War Crimes To Keep Ta Mok, Duch in Prison

The Military Court has charged former Khmer Rouge commanders Ta Mok and Comrade Duch with two new crimes allowing for them to be detained a sixth year in prison without trial, court officials said Thursday.

Ta Mok, 80, the one-legged former Khmer Rouge military strong­man and Duch, 62, who oversaw the Khmer Rouge’s notorious Tuol Sleng torture center and prison, have been de­tained at the military prison in Phnom Penh since their capture in 1999.

“They must remain detained be­­cause we have found new charges,” Ngin Sam An, the Mil­itary Court’s investigating judge, said on Thursday.

Ta Mok and Duch, whose real name is Kang Kek Iev, were charged in late February with committing war crimes and kil­ling foreign nationals, Ngin Sam An said.

“These charges can last for another three years, but the ex­tension [will be] done every year,” he said.

Military Court Director Ney Thol confirmed that new charges have been made against the two.

Ngin Sam An said it was essential that the two remain behind bars for another year so he can continue his investigations.

“If they were out of detention, it would be difficult for my investigation,” he said. “They can damage our work, evidence and witnesses.”

Ngin Sam An said he received reports detailing the deaths of two Australians and one New Zealand national at the hands of the Khmer Rouge from their respective governments in 1999.

“They did not file a complaint but they just informed us of their dead citizens for the forthcoming [Khmer Rouge] tribunal,” Ngim Sam An said, adding that he is also investigating the deaths of other foreigners killed during the Khmer Rouge regime.

The Australian Embassy refused to comment while the New Zealand Embassy in Bangkok could not be reached for comment.

Ta Mok and Duch were originally charged with membership in the Khmer Rouge in 1999 and jailed under a law allowing for one year detentions with yearly extensions up to a maximum of three years. After the three-year detention limit expired in March 2002, both men were charged with crimes against humanity, allowing their detention for three more years.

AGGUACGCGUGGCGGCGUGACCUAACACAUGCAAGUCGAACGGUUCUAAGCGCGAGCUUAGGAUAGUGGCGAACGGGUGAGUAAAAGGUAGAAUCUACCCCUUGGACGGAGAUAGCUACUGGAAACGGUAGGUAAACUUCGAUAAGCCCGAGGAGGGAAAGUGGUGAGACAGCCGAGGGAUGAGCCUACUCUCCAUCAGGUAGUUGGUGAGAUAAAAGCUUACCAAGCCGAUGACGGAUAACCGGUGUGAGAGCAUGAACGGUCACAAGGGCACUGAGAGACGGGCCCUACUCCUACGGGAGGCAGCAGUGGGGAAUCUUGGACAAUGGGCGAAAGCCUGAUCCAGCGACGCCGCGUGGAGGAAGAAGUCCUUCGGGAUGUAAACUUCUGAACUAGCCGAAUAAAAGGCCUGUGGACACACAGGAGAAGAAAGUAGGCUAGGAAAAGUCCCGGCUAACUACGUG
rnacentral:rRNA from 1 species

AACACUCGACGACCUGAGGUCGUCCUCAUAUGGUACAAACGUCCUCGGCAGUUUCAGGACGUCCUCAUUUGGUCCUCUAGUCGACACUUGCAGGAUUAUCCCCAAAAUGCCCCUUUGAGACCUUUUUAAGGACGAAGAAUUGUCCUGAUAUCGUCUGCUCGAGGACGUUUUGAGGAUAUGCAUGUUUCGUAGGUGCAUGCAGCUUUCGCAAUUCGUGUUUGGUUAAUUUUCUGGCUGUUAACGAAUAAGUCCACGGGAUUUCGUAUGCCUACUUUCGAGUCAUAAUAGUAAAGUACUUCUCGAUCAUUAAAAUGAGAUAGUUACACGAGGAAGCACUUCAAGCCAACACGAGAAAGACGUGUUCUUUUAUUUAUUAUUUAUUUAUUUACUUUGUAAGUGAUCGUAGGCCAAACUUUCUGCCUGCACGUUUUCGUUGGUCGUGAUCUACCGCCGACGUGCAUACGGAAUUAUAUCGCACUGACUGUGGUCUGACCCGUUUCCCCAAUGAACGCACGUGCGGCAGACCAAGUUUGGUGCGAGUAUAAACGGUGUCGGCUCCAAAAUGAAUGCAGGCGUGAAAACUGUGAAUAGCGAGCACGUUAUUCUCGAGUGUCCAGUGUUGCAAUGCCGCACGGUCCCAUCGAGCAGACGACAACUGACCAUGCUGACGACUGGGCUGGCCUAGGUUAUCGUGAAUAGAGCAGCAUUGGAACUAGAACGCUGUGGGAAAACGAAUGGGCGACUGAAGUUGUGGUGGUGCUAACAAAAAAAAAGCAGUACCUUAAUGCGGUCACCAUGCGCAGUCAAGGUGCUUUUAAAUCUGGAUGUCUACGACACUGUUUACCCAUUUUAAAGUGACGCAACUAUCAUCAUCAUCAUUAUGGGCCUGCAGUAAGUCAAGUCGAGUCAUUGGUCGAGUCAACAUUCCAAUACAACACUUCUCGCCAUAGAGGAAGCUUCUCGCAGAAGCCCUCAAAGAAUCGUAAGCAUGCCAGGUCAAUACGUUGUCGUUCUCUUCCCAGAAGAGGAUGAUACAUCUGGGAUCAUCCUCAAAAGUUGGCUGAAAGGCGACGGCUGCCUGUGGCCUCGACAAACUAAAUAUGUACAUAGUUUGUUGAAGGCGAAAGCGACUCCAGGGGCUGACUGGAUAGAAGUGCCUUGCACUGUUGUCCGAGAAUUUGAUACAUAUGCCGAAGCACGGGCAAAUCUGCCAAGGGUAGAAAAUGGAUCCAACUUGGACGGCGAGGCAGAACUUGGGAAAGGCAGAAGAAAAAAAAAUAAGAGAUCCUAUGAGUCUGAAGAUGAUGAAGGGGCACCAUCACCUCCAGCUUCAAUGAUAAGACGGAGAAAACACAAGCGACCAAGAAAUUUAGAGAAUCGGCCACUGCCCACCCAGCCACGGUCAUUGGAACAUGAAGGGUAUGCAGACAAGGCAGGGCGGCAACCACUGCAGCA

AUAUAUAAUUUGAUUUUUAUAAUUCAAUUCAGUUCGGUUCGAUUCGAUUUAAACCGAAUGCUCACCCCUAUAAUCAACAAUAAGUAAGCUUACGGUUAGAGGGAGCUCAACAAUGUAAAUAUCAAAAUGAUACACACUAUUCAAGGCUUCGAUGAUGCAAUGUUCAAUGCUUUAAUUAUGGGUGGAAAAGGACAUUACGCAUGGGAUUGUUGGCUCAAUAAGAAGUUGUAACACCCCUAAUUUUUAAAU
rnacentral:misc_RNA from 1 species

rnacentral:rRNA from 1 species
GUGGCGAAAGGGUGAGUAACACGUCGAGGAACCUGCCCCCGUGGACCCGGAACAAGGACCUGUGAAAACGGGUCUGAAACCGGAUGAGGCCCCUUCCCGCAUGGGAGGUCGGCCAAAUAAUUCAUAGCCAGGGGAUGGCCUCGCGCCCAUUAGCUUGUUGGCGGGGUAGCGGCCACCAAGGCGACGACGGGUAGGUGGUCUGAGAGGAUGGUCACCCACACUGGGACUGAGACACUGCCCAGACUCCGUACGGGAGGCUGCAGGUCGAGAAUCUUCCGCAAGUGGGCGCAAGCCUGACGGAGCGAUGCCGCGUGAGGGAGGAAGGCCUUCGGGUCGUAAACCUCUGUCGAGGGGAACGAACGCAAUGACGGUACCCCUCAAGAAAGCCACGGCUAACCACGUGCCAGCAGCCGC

Government officials said last year that their prison detentions would not be extended beyond 2005.

Kar Savuth, Duch’s lawyer, said there was nothing he could do to secure bail for his client. Ta Mok’s lawyer, Benson Samay, said he did not know his client was facing new charges.

“I do not know and I was not informed of the new charges,” he said. “But I was told he is detained another year.”

News that the two suspects will be detained a sixth year without trial prompted concern and questions from legal experts on Thursday.

“I think the detentions have been illegal,” said Lao Mong Hay of the Center for Social Development. He condemned their extended detention without trial as “unconstitutional.”

At the very least, Lao Mong Hay said, the two men should have been released then re-arrested.

Lao Mong Hay also questioned why the government has arrested and detained Duch and Ta Mok while other senior leaders of the regime, such as Nuon Chea, Ieng Sary, Ieng Thirith and Khieu Samphan remain free.

“Everybody, according to international law, has the right to a speedy trial,” Licadho President Kek Galabru said on Thursday.

“We don’t need a special trial. Just try them with the criminal code,” she added.

Youk Chhang, executive director of the Documentation Center of Cambodia, would not comment on the continuing detentions without trial except to say the two should get new lawyers.

“They haven’t been helping their clients,” Youk Chhang said.



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